OK, honestly. Do you really, honestly, deep down inside think for even a floating, fleeing moment that anyone sees that stupid yellow sign in a car's or truck's window indicating the possible presence of a small child inside and suddenly turns into the Mary Poppins of drivers? Hmmm? No? Yes, I don't buy that for a second, either. And quite frankly, if you are nice enough to suddenly cease tailgating parents, then why aren't you person enough to stop tailgating altogether? Or is that sort of poor driving perfectly acceptable somewhere else? I tend to doubt it...

And that brings us to...

Expectorant and tossing cigarette butts out the window
And this is socially acceptable how?

Today, driving home on Whippany Road, the white service vehicle in the right lane, just a head of me, suddenly opened its window. Instead of seeing a hand or the side of the driver's head appear, I saw the drivers head jerk back suddenly out of sight and then a huge wad of expectorant come flying out to arch suddenly and fall with resounding SPLAT on the street in front of me. OH, YE GODS, WHO WAS RAISED TO THINK THAT THIS IS ACCEPTABLE BEHAVIOUR?! I was sickened and disgusted by it. Here is a person who needs to be pulled over for being criminally disgusting and unsanitary!

Shortly after that, I must have ended up behind every possible smoker with a vehicle in the area... in concert, they all finished their cigarette butt and happily sent it sailing out of the open driver's side window to festoon the streets with more unwanted disgusting used up cigarettes. I do recall that all cars had ashtrays and recepticles to hold the ash cast-offs and left over unsmokable parts. That now seems to be passé, out of vogue, so instead the world is every smoker's ashtray.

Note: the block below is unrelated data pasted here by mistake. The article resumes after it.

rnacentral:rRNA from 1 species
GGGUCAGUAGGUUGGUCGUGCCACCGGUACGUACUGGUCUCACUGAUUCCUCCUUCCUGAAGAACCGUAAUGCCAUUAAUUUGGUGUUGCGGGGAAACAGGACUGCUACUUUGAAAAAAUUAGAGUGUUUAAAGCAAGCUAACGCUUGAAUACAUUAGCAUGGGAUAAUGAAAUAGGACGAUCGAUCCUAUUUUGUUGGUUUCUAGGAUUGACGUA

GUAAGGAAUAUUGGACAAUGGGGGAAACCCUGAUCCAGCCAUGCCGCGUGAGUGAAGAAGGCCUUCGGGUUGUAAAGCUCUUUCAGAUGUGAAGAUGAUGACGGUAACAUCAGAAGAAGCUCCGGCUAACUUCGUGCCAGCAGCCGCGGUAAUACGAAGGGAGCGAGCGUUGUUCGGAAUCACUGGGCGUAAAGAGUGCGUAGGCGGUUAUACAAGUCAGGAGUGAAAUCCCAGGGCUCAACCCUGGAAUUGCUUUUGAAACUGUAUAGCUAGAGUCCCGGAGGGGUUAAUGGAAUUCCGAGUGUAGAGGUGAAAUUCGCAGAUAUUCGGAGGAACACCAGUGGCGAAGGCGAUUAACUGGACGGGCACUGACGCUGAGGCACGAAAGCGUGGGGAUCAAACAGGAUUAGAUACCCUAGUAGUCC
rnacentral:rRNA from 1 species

Your honor, I object!"

Friday, 25 July 2008

Using *77 (Cell Phone)

I knew about the red light on cars, but not the *77.

It was about 1:00 p.m. In the afternoon, and Lauren was driving to visit a friend. An UNMARKED police car pulled up behind her and put his lights on. Lauren's parents have always told her never to pull over for an unmarked car on the side of the road, but rather to wait until they get to a gas station, etc. Lauren had actually listened to her parents advice, and promptly called *77 on her cell phone to tell the police dispatcher that she would not pull over right away.